The music festival held on 100 hectares is now well established as the largest outdoor music gala in China.
Rock'n' roll fans will soon be able to indulge their passion as preparations are in full swing for the 2012 InMusic Festival in Zhangbei county of northwestern Hebei province.
Organized by the Zhangbei government and InMusic, an influential music magazine in China, the three-day gala opens today on the county's prairie lands about 250 kilometers from Beijing.
Music enthusiasts are expected to enjoy themselves since the event boasts an all-star lineup of musicians including Cui Jian, Faye Wang, Zhang Chu, as well as the bands Linkoban, Orbital and Spiritualized.
China's first heavy metal band Tang Dynasty is also scheduled to perform, according to a list released by the news portal Ifeng.com.
In addition to rock music, spectators will also have the opportunity to enjoy other genres such as jazz and folk music.
Begun in 2009 as an annual event, the festival on 100 hectares of grassland is now well established as the largest outdoor music gala in China, according to the event's organizing committee.
In 2011, the event drew a record of more than 300,000 concertgoers in just three days, setting a record for the country's musical activities.
Due to the preparations of organizers, the event handled the sudden influx of people, but a shortage of parking and congested roads caused problems.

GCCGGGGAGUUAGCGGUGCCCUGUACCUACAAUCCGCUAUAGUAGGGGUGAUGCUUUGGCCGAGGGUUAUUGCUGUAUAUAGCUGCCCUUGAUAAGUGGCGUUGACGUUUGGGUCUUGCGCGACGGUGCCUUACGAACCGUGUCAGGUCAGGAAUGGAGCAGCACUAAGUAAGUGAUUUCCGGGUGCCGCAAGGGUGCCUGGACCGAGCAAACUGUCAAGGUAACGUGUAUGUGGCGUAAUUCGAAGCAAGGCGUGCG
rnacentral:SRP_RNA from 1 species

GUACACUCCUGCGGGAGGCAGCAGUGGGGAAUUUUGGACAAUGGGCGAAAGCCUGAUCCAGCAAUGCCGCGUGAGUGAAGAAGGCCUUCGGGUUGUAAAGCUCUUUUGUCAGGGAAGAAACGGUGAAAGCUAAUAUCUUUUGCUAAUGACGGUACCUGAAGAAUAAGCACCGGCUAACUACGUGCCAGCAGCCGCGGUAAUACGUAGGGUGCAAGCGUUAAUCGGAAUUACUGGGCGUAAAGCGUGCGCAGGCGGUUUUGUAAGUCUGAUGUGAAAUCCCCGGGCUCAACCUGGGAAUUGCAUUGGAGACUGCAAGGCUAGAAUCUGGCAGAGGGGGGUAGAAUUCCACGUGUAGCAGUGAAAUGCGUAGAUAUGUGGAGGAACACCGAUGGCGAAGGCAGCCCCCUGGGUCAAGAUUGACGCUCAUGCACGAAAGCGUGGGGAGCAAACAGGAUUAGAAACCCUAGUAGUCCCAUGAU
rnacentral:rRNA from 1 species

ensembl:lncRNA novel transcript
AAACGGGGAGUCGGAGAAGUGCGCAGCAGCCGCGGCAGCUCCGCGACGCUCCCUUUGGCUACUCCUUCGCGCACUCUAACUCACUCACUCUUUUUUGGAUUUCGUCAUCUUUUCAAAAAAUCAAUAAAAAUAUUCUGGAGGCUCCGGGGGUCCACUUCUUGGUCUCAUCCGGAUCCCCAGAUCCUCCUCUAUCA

The organizers are making every effort this year to improve the situation, the committee told China Daily.
In addition, more stages have been set up and security enhanced since the number of fans is likely to double this year, they added.
The committee is also working to make the music fest a green event with all electricity provided by windmills.
It will also provide trash cans and erect signs calling for spectators to respect the natural environment, the committee said.
The event that has rocked its way to nationwide fame over the past three years, can be traced back to a casual encounter in 2008.
That winter, Zhangbei Party Chief Li Xuerong met Liu Yifan, head of the magazine InMusic, and asked Liu to find a way to help the county's development.
Finding that the surrounding prairie was a site for imperial entertainment in ancient China, Liu began planning for the music festival in 2009.
"Zhangbei has a unique environment that made me to initiate the festival at the very start," Liu said.
"Now the festival has become a regular event, and I hope it can create beautiful memories for more people," he added.
(China Daily 07/27/2012 page24)